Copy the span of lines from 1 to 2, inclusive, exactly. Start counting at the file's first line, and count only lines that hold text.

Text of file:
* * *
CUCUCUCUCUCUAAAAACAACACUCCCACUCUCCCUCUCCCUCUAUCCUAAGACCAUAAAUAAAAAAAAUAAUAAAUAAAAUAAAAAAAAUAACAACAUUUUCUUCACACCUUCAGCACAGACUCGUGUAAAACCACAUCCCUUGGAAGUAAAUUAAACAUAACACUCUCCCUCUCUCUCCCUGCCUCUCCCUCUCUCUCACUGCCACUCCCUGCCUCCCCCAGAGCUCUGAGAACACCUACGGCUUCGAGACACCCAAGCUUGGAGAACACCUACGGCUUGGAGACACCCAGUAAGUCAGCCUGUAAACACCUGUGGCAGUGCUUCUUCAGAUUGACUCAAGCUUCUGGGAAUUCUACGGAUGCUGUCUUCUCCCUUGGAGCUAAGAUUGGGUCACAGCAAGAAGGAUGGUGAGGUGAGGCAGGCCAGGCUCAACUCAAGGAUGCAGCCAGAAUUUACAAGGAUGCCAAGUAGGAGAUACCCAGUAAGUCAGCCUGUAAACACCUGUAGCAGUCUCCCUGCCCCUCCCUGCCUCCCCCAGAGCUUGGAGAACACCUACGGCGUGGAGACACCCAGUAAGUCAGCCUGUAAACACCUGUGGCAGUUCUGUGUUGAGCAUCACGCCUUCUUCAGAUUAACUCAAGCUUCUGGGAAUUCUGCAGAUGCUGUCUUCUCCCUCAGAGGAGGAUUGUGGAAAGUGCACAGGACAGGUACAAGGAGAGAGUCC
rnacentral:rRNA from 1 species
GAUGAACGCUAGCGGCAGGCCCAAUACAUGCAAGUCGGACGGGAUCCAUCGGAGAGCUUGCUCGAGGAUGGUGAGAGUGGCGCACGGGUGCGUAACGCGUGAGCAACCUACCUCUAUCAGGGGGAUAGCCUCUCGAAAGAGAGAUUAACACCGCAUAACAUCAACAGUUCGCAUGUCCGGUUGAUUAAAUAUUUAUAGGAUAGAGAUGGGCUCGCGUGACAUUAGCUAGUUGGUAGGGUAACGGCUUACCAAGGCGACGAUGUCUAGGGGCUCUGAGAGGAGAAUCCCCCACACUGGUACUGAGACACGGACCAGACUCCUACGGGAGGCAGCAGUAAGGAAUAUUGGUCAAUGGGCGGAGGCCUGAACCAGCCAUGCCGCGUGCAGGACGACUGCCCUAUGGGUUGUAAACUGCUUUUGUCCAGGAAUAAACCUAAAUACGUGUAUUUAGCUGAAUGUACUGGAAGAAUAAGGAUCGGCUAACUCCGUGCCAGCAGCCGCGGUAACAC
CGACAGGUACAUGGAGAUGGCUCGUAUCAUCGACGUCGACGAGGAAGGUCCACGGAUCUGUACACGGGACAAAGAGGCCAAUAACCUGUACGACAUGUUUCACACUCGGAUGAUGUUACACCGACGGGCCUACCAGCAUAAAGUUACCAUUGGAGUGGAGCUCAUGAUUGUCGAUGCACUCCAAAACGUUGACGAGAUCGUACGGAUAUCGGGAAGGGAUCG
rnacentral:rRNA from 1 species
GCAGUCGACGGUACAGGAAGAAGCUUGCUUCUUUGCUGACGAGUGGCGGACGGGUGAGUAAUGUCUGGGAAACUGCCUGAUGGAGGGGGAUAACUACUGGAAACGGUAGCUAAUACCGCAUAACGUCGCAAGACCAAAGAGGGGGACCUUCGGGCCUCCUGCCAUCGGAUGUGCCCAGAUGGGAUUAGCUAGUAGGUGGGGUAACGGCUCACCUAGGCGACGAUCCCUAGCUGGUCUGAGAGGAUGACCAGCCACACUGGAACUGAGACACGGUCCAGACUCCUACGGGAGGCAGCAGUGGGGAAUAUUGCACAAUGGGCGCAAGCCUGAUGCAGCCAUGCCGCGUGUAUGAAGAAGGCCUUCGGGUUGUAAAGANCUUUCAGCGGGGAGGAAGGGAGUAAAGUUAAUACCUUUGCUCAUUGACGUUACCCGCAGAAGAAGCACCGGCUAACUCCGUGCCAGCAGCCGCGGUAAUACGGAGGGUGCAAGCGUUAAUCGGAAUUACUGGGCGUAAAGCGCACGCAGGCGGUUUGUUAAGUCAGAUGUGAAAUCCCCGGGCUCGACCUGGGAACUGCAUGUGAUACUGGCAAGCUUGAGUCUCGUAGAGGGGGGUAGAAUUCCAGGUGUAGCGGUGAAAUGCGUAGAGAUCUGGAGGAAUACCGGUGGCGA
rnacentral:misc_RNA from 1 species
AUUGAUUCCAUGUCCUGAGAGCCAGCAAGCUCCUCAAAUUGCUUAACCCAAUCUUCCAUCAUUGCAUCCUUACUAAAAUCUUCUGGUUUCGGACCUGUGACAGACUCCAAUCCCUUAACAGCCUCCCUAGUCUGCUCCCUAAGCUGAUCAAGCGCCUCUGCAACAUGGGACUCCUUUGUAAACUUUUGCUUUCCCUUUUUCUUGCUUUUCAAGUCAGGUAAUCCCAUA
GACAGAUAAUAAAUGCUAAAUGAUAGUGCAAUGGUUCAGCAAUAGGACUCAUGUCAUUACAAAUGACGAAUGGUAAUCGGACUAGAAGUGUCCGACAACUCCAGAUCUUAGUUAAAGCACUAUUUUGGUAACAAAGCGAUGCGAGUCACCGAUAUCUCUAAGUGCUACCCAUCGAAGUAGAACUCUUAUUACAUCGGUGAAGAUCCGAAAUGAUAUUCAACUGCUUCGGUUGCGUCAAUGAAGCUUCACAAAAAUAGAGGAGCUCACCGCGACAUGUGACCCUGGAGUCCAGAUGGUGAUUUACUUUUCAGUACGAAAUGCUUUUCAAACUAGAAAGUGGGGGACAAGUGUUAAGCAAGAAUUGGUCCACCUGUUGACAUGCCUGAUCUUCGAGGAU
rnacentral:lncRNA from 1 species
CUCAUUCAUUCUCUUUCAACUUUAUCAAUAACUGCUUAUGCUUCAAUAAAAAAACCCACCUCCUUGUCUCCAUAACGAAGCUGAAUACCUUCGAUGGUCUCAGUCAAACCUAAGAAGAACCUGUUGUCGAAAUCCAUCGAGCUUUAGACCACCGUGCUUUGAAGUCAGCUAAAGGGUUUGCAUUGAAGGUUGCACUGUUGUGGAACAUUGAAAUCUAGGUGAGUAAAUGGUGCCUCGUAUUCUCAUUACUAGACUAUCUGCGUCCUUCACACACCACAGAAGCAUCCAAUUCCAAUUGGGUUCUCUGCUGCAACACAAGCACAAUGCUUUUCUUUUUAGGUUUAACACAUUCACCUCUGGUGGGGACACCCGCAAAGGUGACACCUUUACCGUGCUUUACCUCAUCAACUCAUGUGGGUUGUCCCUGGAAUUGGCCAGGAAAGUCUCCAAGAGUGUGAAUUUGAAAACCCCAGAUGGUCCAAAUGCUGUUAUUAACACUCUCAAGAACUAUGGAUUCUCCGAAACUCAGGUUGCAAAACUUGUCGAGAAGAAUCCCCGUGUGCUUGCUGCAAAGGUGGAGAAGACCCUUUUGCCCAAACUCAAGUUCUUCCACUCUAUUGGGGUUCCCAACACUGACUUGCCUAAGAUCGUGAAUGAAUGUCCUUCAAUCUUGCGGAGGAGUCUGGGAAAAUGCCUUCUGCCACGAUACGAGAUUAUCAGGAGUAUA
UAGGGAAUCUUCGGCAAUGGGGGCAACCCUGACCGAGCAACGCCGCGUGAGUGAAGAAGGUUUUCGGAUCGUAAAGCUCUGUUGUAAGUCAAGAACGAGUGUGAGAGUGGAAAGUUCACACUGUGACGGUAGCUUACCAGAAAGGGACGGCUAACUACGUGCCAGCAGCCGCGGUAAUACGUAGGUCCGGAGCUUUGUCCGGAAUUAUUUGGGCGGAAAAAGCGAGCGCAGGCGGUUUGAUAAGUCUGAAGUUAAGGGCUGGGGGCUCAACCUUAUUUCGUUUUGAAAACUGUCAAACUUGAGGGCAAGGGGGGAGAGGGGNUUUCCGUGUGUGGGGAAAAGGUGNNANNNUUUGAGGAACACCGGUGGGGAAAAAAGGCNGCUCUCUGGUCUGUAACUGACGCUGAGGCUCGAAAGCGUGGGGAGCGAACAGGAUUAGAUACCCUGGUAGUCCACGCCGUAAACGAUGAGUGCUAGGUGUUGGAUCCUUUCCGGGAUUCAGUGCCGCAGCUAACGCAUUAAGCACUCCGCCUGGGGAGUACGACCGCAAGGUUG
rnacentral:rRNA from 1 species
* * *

CUCUCUCUCUCUAAAAACAACACUCCCACUCUCCCUCUCCCUCUAUCCUAAGACCAUAAAUAAAAAAAAUAAUAAAUAAAAUAAAAAAAAUAACAACAUUUUCUUCACACCUUCAGCACAGACUCGUGUAAAACCACAUCCCUUGGAAGUAAAUUAAACAUAACACUCUCCCUCUCUCUCCCUGCCUCUCCCUCUCUCUCACUGCCACUCCCUGCCUCCCCCAGAGCUCUGAGAACACCUACGGCUUCGAGACACCCAAGCUUGGAGAACACCUACGGCUUGGAGACACCCAGUAAGUCAGCCUGUAAACACCUGUGGCAGUGCUUCUUCAGAUUGACUCAAGCUUCUGGGAAUUCUACGGAUGCUGUCUUCUCCCUUGGAGCUAAGAUUGGGUCACAGCAAGAAGGAUGGUGAGGUGAGGCAGGCCAGGCUCAACUCAAGGAUGCAGCCAGAAUUUACAAGGAUGCCAAGUAGGAGAUACCCAGUAAGUCAGCCUGUAAACACCUGUAGCAGUCUCCCUGCCCCUCCCUGCCUCCCCCAGAGCUUGGAGAACACCUACGGCGUGGAGACACCCAGUAAGUCAGCCUGUAAACACCUGUGGCAGUUCUGUGUUGAGCAUCACGCCUUCUUCAGAUUAACUCAAGCUUCUGGGAAUUCUGCAGAUGCUGUCUUCUCCCUCAGAGGAGGAUUGUGGAAAGUGCACAGGACAGGUACAAGGAGAGAGUCC
rnacentral:rRNA from 1 species